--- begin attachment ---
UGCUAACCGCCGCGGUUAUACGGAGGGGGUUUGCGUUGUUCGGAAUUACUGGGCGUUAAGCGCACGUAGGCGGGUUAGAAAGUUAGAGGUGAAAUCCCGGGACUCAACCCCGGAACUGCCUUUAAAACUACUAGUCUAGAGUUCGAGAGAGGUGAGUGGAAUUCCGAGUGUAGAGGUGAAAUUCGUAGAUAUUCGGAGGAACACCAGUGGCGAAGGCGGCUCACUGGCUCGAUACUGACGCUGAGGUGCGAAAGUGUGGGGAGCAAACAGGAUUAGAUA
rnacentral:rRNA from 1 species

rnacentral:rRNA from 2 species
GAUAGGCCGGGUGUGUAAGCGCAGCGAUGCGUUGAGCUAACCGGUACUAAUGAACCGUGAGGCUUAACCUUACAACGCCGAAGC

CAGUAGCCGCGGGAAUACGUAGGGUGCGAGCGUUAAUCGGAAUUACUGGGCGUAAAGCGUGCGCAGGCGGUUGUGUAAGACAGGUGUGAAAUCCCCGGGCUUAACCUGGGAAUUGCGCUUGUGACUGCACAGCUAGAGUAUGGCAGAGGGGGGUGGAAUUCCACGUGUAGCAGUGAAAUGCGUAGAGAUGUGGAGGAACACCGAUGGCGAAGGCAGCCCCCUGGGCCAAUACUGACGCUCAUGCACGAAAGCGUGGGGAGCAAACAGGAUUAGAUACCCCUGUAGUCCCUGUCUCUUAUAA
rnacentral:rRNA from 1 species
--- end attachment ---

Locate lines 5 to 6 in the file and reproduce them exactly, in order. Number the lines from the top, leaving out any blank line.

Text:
CAGUAGCCGCGGGAAUACGUAGGGUGCGAGCGUUAAUCGGAAUUACUGGGCGUAAAGCGUGCGCAGGCGGUUGUGUAAGACAGGUGUGAAAUCCCCGGGCUUAACCUGGGAAUUGCGCUUGUGACUGCACAGCUAGAGUAUGGCAGAGGGGGGUGGAAUUCCACGUGUAGCAGUGAAAUGCGUAGAGAUGUGGAGGAACACCGAUGGCGAAGGCAGCCCCCUGGGCCAAUACUGACGCUCAUGCACGAAAGCGUGGGGAGCAAACAGGAUUAGAUACCCCUGUAGUCCCUGUCUCUUAUAA
rnacentral:rRNA from 1 species